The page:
Some women choose to drop out of the beauty game, age naturally, and wear what they wish- and we should support their choices. Other women genuinely love pretty clothes and would choose them even without societal pressure- and we should support their choices too. Some women wish they could drop out but reluctantly choose to comply with female beauty standards to escape censure- and we should support their choices too, without blaming them for the accommodations they have made or pretending their choices are entirely free. The blame should be placed where it belongs- on those who restrict women’s choices in the first place.


2elle said...
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2elle said...

I found this great quote online which I think kind of sums up the dilemma women are presented with:

"As a matter of principle I stopped shaving my legs and under my arms several years ago . . . but I look at my legs and know they are no longer attractive, not even to me. . . . To ease my dilemma, in the summertime I bleach my leg hair to a golden fuzz, a compromise that enables me to avoid looking peculiar at the beach. Sometimes I wonder if I'm the only woman in the world who puts color into the hair on her head while she takes color out of the hair on her legs in order to appear feminine enough for convention."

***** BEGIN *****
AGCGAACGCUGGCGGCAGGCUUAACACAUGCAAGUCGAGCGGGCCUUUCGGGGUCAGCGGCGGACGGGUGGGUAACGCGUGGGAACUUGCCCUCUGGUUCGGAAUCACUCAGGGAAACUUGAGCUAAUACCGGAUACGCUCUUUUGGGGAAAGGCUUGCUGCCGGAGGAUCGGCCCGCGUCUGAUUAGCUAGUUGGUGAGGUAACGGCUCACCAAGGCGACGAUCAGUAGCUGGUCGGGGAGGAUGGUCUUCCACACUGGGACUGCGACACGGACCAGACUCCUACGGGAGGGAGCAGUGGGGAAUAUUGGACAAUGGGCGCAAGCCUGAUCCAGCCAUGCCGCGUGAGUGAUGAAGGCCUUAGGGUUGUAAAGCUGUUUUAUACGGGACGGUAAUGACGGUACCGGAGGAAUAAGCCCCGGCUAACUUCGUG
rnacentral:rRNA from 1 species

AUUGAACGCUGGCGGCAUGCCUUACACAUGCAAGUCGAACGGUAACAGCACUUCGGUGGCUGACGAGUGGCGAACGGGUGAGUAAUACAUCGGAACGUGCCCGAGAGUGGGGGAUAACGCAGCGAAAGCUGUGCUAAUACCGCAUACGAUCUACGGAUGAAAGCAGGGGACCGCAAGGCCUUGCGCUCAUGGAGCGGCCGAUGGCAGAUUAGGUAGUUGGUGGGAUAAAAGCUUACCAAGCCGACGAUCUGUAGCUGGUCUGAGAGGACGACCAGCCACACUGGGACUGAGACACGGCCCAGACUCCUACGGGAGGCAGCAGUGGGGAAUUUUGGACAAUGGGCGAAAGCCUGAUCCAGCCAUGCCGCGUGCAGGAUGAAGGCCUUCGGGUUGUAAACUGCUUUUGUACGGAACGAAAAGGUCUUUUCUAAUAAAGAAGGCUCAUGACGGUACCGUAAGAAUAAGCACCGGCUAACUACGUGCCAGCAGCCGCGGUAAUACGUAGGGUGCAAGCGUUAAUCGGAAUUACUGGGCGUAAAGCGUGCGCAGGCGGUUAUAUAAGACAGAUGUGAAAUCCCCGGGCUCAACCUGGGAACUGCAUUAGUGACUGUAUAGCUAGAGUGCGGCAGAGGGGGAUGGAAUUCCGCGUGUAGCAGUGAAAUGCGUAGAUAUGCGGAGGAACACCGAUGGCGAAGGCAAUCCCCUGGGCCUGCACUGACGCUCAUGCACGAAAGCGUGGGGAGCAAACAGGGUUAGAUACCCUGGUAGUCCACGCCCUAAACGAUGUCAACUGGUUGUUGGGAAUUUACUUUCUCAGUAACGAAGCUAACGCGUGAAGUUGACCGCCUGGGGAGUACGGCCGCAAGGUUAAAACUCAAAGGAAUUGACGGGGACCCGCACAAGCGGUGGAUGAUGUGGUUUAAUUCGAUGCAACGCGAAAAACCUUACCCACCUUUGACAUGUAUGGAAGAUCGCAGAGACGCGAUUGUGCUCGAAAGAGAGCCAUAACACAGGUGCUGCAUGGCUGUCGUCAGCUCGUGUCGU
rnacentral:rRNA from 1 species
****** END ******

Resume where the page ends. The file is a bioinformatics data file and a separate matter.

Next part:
Susan Brownmiller, Femininity (1984)

I definitely agree that women get blamed either way -- too much effort= shallow, but not enough = unfeminine. It's a personal choice and I think that feminists should not condemn either option as long as a woman makes the decision freely for herself.

Dusty said...

I have been thinking a lot lately about the double bind for breast feeding in public. I think it brings up extra tension around the women as beauty objects in the social sphere because it brings the mother/whore dichotomy into direct conflict and the tension is obvious. People are so uncomfortable with breastfeeding because women's breasts are still subject to such intense social sexualization while still being a primary archetypal symbol of motherhood. I know you didn't get into this specifically but I think it comes from the same issue.